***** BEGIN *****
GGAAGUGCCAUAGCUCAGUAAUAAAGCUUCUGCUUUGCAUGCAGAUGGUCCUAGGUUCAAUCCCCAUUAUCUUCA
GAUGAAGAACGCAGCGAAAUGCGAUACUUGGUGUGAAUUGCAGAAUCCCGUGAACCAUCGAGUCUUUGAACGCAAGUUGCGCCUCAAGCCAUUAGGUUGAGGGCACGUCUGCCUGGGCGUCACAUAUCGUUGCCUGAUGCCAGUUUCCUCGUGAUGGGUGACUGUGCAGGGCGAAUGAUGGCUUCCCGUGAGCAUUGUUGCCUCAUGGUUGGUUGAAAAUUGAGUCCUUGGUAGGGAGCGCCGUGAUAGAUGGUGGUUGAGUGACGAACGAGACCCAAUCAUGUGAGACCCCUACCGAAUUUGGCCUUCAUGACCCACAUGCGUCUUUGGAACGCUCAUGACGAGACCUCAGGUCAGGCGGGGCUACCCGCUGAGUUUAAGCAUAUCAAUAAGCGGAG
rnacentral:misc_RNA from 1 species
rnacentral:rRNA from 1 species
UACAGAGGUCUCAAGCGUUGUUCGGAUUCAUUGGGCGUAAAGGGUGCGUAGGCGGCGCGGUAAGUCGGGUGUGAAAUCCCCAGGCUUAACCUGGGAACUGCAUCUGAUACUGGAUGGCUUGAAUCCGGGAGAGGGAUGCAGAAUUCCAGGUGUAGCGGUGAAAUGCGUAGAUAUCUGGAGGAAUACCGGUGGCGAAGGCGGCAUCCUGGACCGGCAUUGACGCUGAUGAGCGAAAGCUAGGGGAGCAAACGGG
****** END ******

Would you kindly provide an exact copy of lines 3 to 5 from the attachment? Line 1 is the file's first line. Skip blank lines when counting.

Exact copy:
rnacentral:misc_RNA from 1 species
rnacentral:rRNA from 1 species
UACAGAGGUCUCAAGCGUUGUUCGGAUUCAUUGGGCGUAAAGGGUGCGUAGGCGGCGCGGUAAGUCGGGUGUGAAAUCCCCAGGCUUAACCUGGGAACUGCAUCUGAUACUGGAUGGCUUGAAUCCGGGAGAGGGAUGCAGAAUUCCAGGUGUAGCGGUGAAAUGCGUAGAUAUCUGGAGGAAUACCGGUGGCGAAGGCGGCAUCCUGGACCGGCAUUGACGCUGAUGAGCGAAAGCUAGGGGAGCAAACGGG